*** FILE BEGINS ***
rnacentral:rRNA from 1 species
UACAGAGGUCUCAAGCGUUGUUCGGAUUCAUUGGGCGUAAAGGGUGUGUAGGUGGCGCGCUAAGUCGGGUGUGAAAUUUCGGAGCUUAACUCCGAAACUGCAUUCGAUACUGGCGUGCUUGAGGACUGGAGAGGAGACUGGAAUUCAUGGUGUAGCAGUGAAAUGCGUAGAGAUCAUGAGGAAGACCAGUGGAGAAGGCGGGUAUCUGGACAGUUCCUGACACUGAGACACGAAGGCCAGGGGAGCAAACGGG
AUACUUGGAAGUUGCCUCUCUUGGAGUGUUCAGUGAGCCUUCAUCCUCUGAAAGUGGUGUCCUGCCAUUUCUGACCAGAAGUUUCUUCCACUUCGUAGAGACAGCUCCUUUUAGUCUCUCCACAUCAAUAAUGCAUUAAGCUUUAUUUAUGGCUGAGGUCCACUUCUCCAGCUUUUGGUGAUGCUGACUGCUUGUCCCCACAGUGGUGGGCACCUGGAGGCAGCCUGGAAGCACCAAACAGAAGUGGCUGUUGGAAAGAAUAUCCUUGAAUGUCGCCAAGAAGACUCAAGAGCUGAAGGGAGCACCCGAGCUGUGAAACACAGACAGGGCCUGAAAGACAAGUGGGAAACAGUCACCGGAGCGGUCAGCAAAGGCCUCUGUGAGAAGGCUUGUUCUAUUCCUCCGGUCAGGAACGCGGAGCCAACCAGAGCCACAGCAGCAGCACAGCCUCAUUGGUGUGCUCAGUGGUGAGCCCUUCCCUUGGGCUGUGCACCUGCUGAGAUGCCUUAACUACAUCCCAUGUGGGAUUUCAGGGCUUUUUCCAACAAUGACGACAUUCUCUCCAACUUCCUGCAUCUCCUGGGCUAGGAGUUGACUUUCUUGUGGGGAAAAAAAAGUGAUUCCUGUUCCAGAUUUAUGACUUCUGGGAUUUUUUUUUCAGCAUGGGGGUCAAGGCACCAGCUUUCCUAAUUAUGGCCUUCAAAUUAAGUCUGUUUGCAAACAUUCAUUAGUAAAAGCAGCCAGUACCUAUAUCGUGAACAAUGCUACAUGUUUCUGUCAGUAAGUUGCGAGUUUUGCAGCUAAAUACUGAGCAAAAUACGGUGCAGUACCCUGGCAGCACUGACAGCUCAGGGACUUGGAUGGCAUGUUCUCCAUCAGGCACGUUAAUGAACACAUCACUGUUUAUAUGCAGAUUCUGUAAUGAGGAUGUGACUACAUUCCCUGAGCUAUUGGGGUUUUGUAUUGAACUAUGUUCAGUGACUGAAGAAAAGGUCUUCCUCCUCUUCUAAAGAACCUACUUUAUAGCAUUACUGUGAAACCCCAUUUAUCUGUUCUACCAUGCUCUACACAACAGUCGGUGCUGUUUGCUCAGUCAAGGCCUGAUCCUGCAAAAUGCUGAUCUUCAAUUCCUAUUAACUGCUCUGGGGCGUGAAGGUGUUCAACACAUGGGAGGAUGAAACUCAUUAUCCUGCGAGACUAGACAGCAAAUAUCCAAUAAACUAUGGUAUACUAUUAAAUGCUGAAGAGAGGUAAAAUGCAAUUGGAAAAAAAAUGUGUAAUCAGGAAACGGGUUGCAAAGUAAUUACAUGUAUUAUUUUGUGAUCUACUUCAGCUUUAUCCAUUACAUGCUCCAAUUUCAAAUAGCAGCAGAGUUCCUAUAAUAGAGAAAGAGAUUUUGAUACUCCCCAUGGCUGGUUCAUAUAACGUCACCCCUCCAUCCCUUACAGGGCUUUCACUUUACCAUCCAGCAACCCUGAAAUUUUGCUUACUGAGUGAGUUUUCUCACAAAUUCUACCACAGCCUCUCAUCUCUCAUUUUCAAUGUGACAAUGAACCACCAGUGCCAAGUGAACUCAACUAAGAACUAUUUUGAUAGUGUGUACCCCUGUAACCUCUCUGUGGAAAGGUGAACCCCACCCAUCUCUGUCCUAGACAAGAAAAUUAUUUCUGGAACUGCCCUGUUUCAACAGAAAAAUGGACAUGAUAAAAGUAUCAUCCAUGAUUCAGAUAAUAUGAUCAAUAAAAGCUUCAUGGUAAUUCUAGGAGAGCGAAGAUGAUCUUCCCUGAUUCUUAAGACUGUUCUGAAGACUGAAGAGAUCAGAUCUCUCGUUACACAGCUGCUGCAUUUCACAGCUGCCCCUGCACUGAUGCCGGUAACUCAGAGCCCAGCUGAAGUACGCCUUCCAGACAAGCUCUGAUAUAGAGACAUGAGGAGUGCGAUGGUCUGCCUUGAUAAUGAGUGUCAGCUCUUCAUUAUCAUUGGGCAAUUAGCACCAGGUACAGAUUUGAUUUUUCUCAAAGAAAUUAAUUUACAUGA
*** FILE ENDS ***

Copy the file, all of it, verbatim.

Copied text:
rnacentral:rRNA from 1 species
UACAGAGGUCUCAAGCGUUGUUCGGAUUCAUUGGGCGUAAAGGGUGUGUAGGUGGCGCGCUAAGUCGGGUGUGAAAUUUCGGAGCUUAACUCCGAAACUGCAUUCGAUACUGGCGUGCUUGAGGACUGGAGAGGAGACUGGAAUUCAUGGUGUAGCAGUGAAAUGCGUAGAGAUCAUGAGGAAGACCAGUGGAGAAGGCGGGUAUCUGGACAGUUCCUGACACUGAGACACGAAGGCCAGGGGAGCAAACGGG
AUACUUGGAAGUUGCCUCUCUUGGAGUGUUCAGUGAGCCUUCAUCCUCUGAAAGUGGUGUCCUGCCAUUUCUGACCAGAAGUUUCUUCCACUUCGUAGAGACAGCUCCUUUUAGUCUCUCCACAUCAAUAAUGCAUUAAGCUUUAUUUAUGGCUGAGGUCCACUUCUCCAGCUUUUGGUGAUGCUGACUGCUUGUCCCCACAGUGGUGGGCACCUGGAGGCAGCCUGGAAGCACCAAACAGAAGUGGCUGUUGGAAAGAAUAUCCUUGAAUGUCGCCAAGAAGACUCAAGAGCUGAAGGGAGCACCCGAGCUGUGAAACACAGACAGGGCCUGAAAGACAAGUGGGAAACAGUCACCGGAGCGGUCAGCAAAGGCCUCUGUGAGAAGGCUUGUUCUAUUCCUCCGGUCAGGAACGCGGAGCCAACCAGAGCCACAGCAGCAGCACAGCCUCAUUGGUGUGCUCAGUGGUGAGCCCUUCCCUUGGGCUGUGCACCUGCUGAGAUGCCUUAACUACAUCCCAUGUGGGAUUUCAGGGCUUUUUCCAACAAUGACGACAUUCUCUCCAACUUCCUGCAUCUCCUGGGCUAGGAGUUGACUUUCUUGUGGGGAAAAAAAAGUGAUUCCUGUUCCAGAUUUAUGACUUCUGGGAUUUUUUUUUCAGCAUGGGGGUCAAGGCACCAGCUUUCCUAAUUAUGGCCUUCAAAUUAAGUCUGUUUGCAAACAUUCAUUAGUAAAAGCAGCCAGUACCUAUAUCGUGAACAAUGCUACAUGUUUCUGUCAGUAAGUUGCGAGUUUUGCAGCUAAAUACUGAGCAAAAUACGGUGCAGUACCCUGGCAGCACUGACAGCUCAGGGACUUGGAUGGCAUGUUCUCCAUCAGGCACGUUAAUGAACACAUCACUGUUUAUAUGCAGAUUCUGUAAUGAGGAUGUGACUACAUUCCCUGAGCUAUUGGGGUUUUGUAUUGAACUAUGUUCAGUGACUGAAGAAAAGGUCUUCCUCCUCUUCUAAAGAACCUACUUUAUAGCAUUACUGUGAAACCCCAUUUAUCUGUUCUACCAUGCUCUACACAACAGUCGGUGCUGUUUGCUCAGUCAAGGCCUGAUCCUGCAAAAUGCUGAUCUUCAAUUCCUAUUAACUGCUCUGGGGCGUGAAGGUGUUCAACACAUGGGAGGAUGAAACUCAUUAUCCUGCGAGACUAGACAGCAAAUAUCCAAUAAACUAUGGUAUACUAUUAAAUGCUGAAGAGAGGUAAAAUGCAAUUGGAAAAAAAAUGUGUAAUCAGGAAACGGGUUGCAAAGUAAUUACAUGUAUUAUUUUGUGAUCUACUUCAGCUUUAUCCAUUACAUGCUCCAAUUUCAAAUAGCAGCAGAGUUCCUAUAAUAGAGAAAGAGAUUUUGAUACUCCCCAUGGCUGGUUCAUAUAACGUCACCCCUCCAUCCCUUACAGGGCUUUCACUUUACCAUCCAGCAACCCUGAAAUUUUGCUUACUGAGUGAGUUUUCUCACAAAUUCUACCACAGCCUCUCAUCUCUCAUUUUCAAUGUGACAAUGAACCACCAGUGCCAAGUGAACUCAACUAAGAACUAUUUUGAUAGUGUGUACCCCUGUAACCUCUCUGUGGAAAGGUGAACCCCACCCAUCUCUGUCCUAGACAAGAAAAUUAUUUCUGGAACUGCCCUGUUUCAACAGAAAAAUGGACAUGAUAAAAGUAUCAUCCAUGAUUCAGAUAAUAUGAUCAAUAAAAGCUUCAUGGUAAUUCUAGGAGAGCGAAGAUGAUCUUCCCUGAUUCUUAAGACUGUUCUGAAGACUGAAGAGAUCAGAUCUCUCGUUACACAGCUGCUGCAUUUCACAGCUGCCCCUGCACUGAUGCCGGUAACUCAGAGCCCAGCUGAAGUACGCCUUCCAGACAAGCUCUGAUAUAGAGACAUGAGGAGUGCGAUGGUCUGCCUUGAUAAUGAGUGUCAGCUCUUCAUUAUCAUUGGGCAAUUAGCACCAGGUACAGAUUUGAUUUUUCUCAAAGAAAUUAAUUUACAUGA